Microsurgery

Techniques Used in Microsurgery

Essentially, microsurgery is the procedure done on very small and intricate structures like the blood vessels and the nerves.

The procedure is carried out using specialized instruments under a microscope.

Microsurgery also uses techniques that have been employed since the early part of the twentieth century.

Some of the techniques used include organ transplantation and blood vessel repair.

Several surgical specialties have used microsurgery techniques in the procedures they perform.

For instance:

  • Otolaryngologists (ear, nose, and throat doctors) – employs microsurgeries when working on the delicate and small structures found in the inner ear. Microsurgical techniques are also used when working on the vocal cords.
  • Ophtalmologists (eye doctors) – carries out microsurgery to do corneal transplants, remove cataracts, and treat other eye conditions like glaucoma.
  • Urologists and gynecologists – uses microsurgery principles when reversing vasectomies and tubal ligations.
  • Plastic surgeons – reconstructs disfigured or damaged tissues, muscles, and skin using techniques used in microsurgery.
  • Other specialties – microsurgery is performed to reattach or replant amputated body parts.

Techniques

Microsurgical procedures uses a set of techniques a surgeon needs to master.

These basic techniques include nerve repair and grafting, blood vessel repair, and vein grafting.

Nerve Repair

Anastomosis or neurorrhaphy is the process of connecting the two cut ends of a nerve.

Nerve repair can entail suturing of the epineurium or the perineurium only.

Vein Grafting

This procedure is the alternative to end-to-end anastomosis.

However, vein grafting is often only performed when attaching the cut ends of the blood vessels without any tension is not feasible.

Blood Vessel Repair

Vascular anastomosis is the process of connecting two different vessels to form a continuous channel.

Anastomoses may be end-to-side or end-to-end.

Nerve Grafting

The alternative procedure to end-to-end anastomosis is called vein grafting.

The procedure is often only used when the cut ends of the blood vessels cannot be attached without any tension.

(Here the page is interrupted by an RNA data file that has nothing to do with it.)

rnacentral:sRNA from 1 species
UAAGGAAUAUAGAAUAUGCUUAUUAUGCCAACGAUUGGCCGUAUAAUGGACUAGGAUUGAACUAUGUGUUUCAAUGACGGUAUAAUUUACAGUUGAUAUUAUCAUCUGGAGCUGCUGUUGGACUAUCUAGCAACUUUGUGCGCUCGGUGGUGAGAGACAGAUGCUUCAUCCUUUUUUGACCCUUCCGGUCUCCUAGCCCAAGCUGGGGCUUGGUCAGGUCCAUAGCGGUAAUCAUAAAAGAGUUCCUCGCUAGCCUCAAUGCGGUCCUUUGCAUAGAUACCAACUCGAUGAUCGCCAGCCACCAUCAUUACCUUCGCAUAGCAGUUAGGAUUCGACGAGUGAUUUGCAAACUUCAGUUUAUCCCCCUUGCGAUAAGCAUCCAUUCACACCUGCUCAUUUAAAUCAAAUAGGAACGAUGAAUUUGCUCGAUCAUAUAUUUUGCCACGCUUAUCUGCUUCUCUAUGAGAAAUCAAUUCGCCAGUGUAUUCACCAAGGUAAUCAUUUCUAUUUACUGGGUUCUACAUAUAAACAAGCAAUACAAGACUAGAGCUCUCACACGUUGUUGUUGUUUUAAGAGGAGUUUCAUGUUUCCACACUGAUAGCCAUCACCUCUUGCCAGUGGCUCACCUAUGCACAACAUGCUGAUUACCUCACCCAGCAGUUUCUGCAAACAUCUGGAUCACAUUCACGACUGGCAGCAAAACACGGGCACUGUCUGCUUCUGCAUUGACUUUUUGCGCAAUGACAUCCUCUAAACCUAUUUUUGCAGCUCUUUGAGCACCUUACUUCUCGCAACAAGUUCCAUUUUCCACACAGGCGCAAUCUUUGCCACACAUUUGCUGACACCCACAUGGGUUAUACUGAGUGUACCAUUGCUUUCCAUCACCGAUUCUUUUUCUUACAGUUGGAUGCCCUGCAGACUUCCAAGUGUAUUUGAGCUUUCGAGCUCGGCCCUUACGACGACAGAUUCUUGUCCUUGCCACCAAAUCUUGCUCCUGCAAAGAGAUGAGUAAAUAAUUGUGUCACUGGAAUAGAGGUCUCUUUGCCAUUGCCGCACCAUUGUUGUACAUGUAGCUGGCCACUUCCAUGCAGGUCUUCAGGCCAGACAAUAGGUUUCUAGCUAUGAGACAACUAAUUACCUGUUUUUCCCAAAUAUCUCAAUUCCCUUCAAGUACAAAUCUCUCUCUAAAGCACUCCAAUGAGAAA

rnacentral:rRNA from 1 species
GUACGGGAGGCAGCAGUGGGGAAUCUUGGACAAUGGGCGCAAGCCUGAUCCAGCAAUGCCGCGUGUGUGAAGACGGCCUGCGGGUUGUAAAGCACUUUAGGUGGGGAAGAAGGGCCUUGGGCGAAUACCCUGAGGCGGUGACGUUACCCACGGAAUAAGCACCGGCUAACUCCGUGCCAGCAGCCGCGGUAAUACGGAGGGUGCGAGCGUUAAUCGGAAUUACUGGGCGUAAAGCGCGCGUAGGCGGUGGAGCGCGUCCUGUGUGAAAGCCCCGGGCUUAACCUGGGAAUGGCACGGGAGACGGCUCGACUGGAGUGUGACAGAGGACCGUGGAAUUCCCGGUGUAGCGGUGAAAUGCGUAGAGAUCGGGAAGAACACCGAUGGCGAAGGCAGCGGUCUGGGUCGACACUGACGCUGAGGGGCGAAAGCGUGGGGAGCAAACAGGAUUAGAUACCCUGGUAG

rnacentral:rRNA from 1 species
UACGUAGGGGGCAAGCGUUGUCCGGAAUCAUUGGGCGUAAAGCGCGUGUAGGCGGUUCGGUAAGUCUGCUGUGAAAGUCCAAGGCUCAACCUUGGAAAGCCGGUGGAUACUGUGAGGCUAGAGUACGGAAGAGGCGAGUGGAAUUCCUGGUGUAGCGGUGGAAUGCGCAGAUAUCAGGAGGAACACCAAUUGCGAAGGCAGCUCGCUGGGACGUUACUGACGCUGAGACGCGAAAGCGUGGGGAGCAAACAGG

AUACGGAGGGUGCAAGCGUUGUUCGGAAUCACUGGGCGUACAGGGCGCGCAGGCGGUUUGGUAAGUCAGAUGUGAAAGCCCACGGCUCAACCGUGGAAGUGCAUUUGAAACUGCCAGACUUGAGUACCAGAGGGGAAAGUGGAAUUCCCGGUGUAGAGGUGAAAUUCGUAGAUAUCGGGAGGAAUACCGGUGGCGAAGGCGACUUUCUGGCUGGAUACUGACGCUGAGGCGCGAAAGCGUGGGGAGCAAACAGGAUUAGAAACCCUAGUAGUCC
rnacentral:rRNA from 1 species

Training

Surgeons who carry out microsurgeries are required to undergo extensive practice and training.

Knowledge of surgical techniques and basic anatomy are also considered crucial.

Additionally, surgeons will also need to be taught how to lessen hand tremors, how to maintain visual contact using the microscope, how to maintain proper posture during the procedure, and how to properly hold the instruments, among other things.

Once the surgeon has become highly proficient in the basic skills required in microsurgery, advanced techniques like treating specific conditions will be taught.

Equipment

Key purposes of equipment used in microsurgery include providing instrumentation and magnifying the operating field.

The equipment used have also been designed to ensure precise maneuvering is possible.

Essential instruments needed in microsurgery include the microscope, micro suture materials, and microsurgical instruments.

Microscope

Microscope utilized in microsurgery is either mounted on the floor or on the ceiling.

It also comes equipped with a moveable arm so manipulating its position is a lot easier.

A high-intensity light source and a set of lenses are used to make viewing the surgical site possible.

Typically, microsurgical procedures use a microscope with five to forty times (5–40x) magnification.

Instruments

Compared to surgical instruments used for traditional surgery, instruments used in microsurgery have other distinct features.

Apart from their ability to manipulate structures that are barely visible, microsurgical instruments also have large handles so it can be handled as securely and as comfortably as possible.

Some of the instruments used in microsurgery include:

  • Forceps
  • Needle Holders
  • Scissors
  • Irrigators
  • Vessel Dilators

Suture Materials

Stitching or suturing is done using specialized needles and threads.

The diameter of the thread will vary in size and will depend on the procedure that will be carried out and the tissue that needs suturing.

Suture threads are either made from natural materials or synthetic ones. They can also be absorbable or non-absorbable.

Likewise, suture needles can also come in diverse shapes and sizes.

They can also come with different point types.

Typically, needles that are less than 0.15 mm in diameter are used.

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